Clinton jabs at 'likeability' questions about female candidates
With the early weeks of the shadow 2020 Democratic primary bringing up the age-old questions about the "likeability" of female politicians, Hillary Clinton is weighing in.
Clinton, the first female presidential nominee from a major party, pointed to the "amazing women officials in the audience today" when she referenced that debate during a Monday speech at an event held by New York Gov. Andrew Cuomo.
"There’s been a lot of talk recently about whether our country is ready for women leaders. Now that really takes me back—but today, I want to thank all of you for your persistence," she said during an appearance with New York Gov. Andrew Cuomo on Monday.
"I know many of you and can can attest as to how smart, determined, effective and, dare I say, likable you all are."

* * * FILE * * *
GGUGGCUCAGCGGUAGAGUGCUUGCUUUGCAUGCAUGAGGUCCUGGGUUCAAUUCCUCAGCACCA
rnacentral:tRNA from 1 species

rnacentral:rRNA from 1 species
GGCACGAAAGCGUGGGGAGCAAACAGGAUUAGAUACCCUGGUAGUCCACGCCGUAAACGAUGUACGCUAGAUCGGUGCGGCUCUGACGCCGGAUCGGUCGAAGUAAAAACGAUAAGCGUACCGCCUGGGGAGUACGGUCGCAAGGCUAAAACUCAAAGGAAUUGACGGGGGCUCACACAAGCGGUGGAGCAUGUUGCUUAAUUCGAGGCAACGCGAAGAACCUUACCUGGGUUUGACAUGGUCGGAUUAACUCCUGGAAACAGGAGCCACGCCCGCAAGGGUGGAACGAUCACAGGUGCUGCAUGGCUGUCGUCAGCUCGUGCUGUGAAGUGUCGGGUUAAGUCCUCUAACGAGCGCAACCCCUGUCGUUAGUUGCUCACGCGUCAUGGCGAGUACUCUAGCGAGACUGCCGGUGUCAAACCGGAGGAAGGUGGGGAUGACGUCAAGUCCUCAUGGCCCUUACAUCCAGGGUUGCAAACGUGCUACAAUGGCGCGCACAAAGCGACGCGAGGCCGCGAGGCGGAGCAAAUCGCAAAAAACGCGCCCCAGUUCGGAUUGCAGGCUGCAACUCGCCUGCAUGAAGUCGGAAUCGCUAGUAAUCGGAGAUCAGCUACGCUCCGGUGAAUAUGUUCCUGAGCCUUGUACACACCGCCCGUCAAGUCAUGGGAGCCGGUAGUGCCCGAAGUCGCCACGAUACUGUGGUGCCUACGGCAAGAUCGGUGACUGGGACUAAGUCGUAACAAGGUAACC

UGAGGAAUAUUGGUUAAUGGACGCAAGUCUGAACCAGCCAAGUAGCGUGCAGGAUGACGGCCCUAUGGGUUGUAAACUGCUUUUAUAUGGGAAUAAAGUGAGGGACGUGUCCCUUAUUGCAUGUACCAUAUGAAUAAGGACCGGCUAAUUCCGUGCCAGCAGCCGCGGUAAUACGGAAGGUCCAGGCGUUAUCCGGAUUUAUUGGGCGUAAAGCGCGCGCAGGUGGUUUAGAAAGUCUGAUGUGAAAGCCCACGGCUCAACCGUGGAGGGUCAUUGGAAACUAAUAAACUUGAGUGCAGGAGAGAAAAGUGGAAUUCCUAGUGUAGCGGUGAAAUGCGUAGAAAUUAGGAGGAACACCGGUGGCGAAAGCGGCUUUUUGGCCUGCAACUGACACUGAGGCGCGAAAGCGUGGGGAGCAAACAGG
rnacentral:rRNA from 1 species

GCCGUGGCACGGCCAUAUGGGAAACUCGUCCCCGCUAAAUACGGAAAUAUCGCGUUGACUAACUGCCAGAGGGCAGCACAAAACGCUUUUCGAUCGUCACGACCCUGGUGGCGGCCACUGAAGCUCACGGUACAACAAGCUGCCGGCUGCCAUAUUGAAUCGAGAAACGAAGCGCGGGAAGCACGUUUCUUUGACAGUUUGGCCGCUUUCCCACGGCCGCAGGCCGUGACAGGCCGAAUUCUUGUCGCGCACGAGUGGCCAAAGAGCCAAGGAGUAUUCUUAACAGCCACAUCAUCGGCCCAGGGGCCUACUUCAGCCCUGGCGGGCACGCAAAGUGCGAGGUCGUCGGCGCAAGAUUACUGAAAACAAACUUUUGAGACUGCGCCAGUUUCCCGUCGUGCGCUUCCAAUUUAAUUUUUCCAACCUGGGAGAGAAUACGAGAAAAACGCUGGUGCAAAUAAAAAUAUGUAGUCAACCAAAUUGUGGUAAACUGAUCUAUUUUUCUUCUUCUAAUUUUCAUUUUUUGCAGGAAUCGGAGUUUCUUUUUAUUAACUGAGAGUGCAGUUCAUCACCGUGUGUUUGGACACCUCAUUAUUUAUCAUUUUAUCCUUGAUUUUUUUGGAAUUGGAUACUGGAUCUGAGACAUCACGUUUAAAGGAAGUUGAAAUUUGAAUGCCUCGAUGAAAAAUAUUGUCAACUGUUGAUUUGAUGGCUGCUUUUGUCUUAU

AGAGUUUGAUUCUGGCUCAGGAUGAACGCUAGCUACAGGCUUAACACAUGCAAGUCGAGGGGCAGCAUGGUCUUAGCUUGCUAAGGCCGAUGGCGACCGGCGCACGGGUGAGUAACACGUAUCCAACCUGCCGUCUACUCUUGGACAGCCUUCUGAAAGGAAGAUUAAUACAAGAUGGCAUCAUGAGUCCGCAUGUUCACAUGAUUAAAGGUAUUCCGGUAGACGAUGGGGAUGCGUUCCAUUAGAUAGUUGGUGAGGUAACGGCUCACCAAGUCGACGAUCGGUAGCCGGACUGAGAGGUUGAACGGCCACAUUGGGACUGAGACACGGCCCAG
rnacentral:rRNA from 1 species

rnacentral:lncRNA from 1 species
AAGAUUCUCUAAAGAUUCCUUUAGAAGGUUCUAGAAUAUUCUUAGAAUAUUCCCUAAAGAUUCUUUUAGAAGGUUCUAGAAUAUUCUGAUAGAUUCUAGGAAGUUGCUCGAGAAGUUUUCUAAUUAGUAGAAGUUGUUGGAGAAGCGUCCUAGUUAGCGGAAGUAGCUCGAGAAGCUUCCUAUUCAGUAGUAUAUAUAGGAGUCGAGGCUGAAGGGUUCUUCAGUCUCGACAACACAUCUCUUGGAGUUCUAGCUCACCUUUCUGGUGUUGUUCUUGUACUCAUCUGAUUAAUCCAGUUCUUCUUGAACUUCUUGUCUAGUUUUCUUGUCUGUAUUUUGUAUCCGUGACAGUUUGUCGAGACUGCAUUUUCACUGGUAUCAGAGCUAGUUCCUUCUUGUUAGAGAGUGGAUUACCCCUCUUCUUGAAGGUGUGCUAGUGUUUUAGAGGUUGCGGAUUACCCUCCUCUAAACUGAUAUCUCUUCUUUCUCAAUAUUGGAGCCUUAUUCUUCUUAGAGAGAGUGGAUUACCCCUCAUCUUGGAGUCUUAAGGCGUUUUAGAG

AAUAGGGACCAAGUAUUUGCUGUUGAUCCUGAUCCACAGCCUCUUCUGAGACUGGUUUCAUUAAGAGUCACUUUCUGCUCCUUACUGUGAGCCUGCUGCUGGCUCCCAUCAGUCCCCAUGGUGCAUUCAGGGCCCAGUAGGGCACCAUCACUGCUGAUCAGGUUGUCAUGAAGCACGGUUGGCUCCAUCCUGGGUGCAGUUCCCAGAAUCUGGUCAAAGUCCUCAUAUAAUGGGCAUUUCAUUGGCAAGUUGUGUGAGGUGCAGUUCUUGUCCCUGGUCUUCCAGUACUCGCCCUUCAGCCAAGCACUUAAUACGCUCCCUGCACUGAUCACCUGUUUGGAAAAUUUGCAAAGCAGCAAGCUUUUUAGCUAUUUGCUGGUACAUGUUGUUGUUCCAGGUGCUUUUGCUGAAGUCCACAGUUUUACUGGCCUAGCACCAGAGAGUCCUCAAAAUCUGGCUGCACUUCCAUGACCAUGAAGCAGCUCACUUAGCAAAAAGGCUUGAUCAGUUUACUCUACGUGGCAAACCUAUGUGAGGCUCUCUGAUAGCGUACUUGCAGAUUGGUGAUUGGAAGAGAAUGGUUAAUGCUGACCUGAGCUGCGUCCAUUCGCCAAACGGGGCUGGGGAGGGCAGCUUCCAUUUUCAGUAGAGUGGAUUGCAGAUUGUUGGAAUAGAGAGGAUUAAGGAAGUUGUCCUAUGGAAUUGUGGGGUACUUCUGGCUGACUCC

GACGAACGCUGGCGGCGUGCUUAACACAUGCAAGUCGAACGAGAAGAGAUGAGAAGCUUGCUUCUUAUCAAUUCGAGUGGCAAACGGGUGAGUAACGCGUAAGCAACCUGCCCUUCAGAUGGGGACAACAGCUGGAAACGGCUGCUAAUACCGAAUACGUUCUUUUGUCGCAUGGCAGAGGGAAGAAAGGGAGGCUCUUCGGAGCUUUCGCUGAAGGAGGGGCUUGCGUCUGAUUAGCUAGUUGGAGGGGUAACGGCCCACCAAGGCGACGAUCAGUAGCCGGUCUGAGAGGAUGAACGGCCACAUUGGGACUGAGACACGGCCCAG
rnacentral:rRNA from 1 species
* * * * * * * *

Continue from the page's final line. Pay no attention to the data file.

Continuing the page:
The debate, which followed Clinton during her own 2016 presidential race, is heating up again now that Massachusetts Democratic Sen. Elizabeth Warren is telegraphing a bid of her own.
A recent Quinnipiac University poll showed Warren's favorability underwater with American voters, Republicans and Independents. But many Democrats have come to Warren's defense to argue that those numbers are a result of sexism and an unfair perception that has long dogged female candidates.
Check out Chuck Todd and the "Meet the Press" panel addressing the issue during Sunday's broadcast.